“Wisconsin’s partial veto provision as interpreted by the state’s highest court is a rational measure for altering the balance of power between the branches. That it is unusual, even quirky, does not make it unconstitutional. It violates no federal constitutional provision because the federal Constitution does not fix the balance of power between branches of state government.”
The state courts have granted the governor broad deference in their rulings. In fact, only three limitations have been imposed by the judiciary: the requirement that the bill in question must be an “appropriations bill,” the requirement that the “reduction veto” could only apply to spending amounts, and the requirement that the remaining sentences after the veto must constitute a “complete and workable law.”
In State ex rel. Finnegan v. Dammann, the court ruled that any bill containing an appropriation of public money (not just an executive budget bill) was considered subject to the partial veto power. The court did rule that the bill itself needed to make an appropriation and could not simply be indirectly related to appropriations by, for example, increasing revenues. However, once it could be determined that a bill contained any appropriation measure, any part of the bill could be partially vetoed—even non-appropriation parts.
Although the “reduction veto” was upheld in Citizens Utility Board v. Klauser in 1995, the court did rule in Risser v. Klauser two years later that the only numbers a governor could reduce without a “digit veto” were spending amounts, and that the power did not extend to bond sales and other non-appropriation figures in bills.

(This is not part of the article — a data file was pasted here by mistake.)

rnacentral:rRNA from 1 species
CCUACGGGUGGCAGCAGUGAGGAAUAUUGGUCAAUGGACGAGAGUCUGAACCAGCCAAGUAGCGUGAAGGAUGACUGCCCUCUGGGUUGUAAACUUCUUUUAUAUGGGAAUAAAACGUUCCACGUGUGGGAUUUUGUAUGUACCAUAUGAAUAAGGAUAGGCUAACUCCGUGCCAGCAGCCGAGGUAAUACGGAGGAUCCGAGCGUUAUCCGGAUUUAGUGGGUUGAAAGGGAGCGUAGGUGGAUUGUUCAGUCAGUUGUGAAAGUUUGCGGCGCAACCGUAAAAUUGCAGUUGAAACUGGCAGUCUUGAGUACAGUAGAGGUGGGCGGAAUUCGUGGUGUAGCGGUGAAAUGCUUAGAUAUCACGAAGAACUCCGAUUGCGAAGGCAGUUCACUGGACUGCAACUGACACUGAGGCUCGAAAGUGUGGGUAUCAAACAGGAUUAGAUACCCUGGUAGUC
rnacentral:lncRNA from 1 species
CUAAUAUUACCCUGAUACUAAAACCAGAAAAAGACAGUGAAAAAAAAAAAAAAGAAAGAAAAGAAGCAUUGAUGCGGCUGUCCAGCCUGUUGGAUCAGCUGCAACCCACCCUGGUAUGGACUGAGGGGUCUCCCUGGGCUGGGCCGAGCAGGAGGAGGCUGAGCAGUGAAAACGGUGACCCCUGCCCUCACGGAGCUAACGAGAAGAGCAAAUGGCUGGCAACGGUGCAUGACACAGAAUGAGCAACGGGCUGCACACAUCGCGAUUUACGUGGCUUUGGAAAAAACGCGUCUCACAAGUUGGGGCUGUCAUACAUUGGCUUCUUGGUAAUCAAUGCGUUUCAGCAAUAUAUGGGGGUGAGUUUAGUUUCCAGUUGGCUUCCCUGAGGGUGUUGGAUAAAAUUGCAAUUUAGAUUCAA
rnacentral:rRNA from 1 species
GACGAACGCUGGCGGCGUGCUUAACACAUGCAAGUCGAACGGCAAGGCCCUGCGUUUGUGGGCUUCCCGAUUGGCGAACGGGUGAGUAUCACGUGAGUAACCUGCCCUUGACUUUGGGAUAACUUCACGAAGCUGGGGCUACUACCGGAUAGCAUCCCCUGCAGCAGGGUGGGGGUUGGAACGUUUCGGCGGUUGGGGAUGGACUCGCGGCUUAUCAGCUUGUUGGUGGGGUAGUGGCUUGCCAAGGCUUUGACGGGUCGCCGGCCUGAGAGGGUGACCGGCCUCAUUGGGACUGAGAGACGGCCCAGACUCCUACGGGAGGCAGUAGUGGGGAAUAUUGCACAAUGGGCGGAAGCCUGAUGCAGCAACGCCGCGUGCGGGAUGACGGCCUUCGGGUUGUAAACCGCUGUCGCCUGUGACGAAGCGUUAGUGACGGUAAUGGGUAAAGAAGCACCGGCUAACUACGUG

The final requirement, that the remaining language must constitute a “complete and workable law,” was the first requirement imposed by the court in State ex rel. Wisconsin Telephone Co. v. Henry in 1935. This precedent was used, for example, to stifle a veto attempt by Governor Thompson which caused a sentence to read, “…the property fund shall make $10,000,000 to the general fund.”
The courts left intact the governor’s abilities to reverse the meaning of legislation, delete individual letters to make new words, write in new appropriation amounts, and use the veto in such a way that the end result was entirely unrelated to the original language. However, struck by the audacity of some of the more creative uses of the power, and disappointed in the supreme court’s inaction, the people of Wisconsin curtailed the governor’s power through constitutional amendments.
Constitutional limits to the partial veto power
Despite nearly two dozen attempts, only two constitutional amendments have been passed to limit the veto power. These amendments, however, ensured that some of the most controversial functions of the veto power from the 1970s and 1980s would be taken away.
The first, which passed in 1990, put an end to the “pick-a-letter” veto. The amendment prevented the governor from creating “a new word by rejecting individual letters in the words of the enrolled bill.”
The second, which passed in 2008, prevented the governor from creating a new sentence using the words of two or more sentences. This significantly limited the governor’s ability to create new language unrelated to the original, as that practice usually required joining the words of separate sentences. In supporting the amendment, WISN-TV satirically explained the potentially ridiculous effects of the so-called “Frankenstein veto” by selectively deleting language from Governor Jim Doyle’s three-paragraph statement thanking retiring Packers quarterback Brett Favre. The end result: “Governor Jim Doyle will be suiting up in the green and gold next season as quarterback of the Packers.”
Despite these limitations, the governor still enjoys one of the most powerful veto pens in the country, as the “reduction veto,” “digit veto,” and selective deletion within sentences (such as removing the word “not”) remain intact.